Giving his first Budget speech, Chancellor Rishi Sunak announced a year-long suspension of business rates for firms in England in the retail, leisure and hospitality sectors with a rateable value below £51,000.
He also announced a review of England’s business rates system later in 2020.
To tackle the coronavirus outbreak, the government will set up a £5bn emergency response fund to help the NHS and other public services. Statutory sick pay will be paid to all those who self-isolate, even if they don’t have symptoms, and businesses with fewer than 250 staff will be refunded for sick pay payments for two weeks. Furthermore, small firms will have access to ‘business interruption’ loans of up to £1.2m.
The National Insurance Contributions tax threshold will rise from £8,632 to £9,500. This move will save employees just over £100 annually.
Duties on spirits, beer, cider and wine will be frozen, as will fuel duty. Duty rates on all tobacco products will increase by RPI + 2% until the end of this Parliament. The rate on hand-rolling tobacco will increase by RPI + 6% this year. These changes take effect from 6pm on 11 March 2020.
The Chancellor also announced a plastic packaging tax. When this comes into force in April 2022, manufacturers and importers will be charged £200 per tonne for products containing less than 30% recyclable material.
The 5% VAT on women’s sanitary products – the so-called tampon tax – will be abolished.
Runak pledged an extra £640m in funding for Scotland and, “to put regional prosperity at heart of spending decisions,” the Treasury’s Green Book rules will be reviewed. The Treasury will also open new offices in Scotland and Wales.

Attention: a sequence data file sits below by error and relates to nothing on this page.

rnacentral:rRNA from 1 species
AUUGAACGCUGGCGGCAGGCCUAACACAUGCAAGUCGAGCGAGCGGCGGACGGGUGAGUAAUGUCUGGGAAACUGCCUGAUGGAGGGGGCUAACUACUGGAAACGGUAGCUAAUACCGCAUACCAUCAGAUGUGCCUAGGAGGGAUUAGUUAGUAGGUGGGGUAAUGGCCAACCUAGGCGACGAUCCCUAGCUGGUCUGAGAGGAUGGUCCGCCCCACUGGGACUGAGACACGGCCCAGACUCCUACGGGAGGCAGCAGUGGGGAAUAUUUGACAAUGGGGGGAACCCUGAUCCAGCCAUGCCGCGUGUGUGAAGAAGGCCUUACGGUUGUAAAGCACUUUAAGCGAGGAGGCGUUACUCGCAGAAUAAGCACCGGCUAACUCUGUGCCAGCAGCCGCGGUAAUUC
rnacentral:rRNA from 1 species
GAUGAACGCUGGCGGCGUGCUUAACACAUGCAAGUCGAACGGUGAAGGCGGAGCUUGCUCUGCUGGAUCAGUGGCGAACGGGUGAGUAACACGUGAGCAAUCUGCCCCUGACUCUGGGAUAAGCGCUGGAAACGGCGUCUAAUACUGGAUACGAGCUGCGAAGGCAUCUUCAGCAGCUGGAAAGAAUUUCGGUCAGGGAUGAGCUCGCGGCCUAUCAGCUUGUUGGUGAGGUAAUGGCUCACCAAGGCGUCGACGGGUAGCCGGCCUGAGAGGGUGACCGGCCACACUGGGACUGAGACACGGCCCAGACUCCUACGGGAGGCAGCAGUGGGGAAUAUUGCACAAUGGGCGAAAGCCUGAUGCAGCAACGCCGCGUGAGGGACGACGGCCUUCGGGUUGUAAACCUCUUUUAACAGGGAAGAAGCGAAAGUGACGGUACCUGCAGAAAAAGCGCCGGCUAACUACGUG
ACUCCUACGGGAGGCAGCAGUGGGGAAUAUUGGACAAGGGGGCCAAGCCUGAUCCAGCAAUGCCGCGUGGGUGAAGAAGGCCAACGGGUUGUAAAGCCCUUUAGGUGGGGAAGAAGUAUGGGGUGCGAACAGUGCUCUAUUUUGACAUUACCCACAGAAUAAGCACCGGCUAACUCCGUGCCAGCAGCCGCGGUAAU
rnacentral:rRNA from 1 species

The Chancellor predicted the economy to grow by 1.1% this year. This would be the slowest rate since 2009 and the figure doesn’t account for any effects of the coronavirus.
Inflation of 1.4% was forecast for this year, rising to 1.8% in 2021-22.
The rates relief for England offers no comfort to Scotland’s retailers, who are facing the highest headline poundage rate in 21 years. They are now waiting to see what response the Chancellor’s announcement prompts from Holyrood. Scottish Retail Consortium Director David Lonsdale said: “We hope to see a swift announcement from the Scottish Government on how they will allocate a portion of the very significant Barnett Consequential revenues to support businesses facing a very difficult few months. Scottish Ministers have taken a number of steps to limit business rate rises in Scotland – today’s Budget provides an opportunity to go even further.”
The Federation of Independent Retailers (NFRN) welcomed the rates holiday. National President Stuart Reddish said: “In these difficult times, for many independent retailers, this change may make the difference between shutting up shop and surviving.”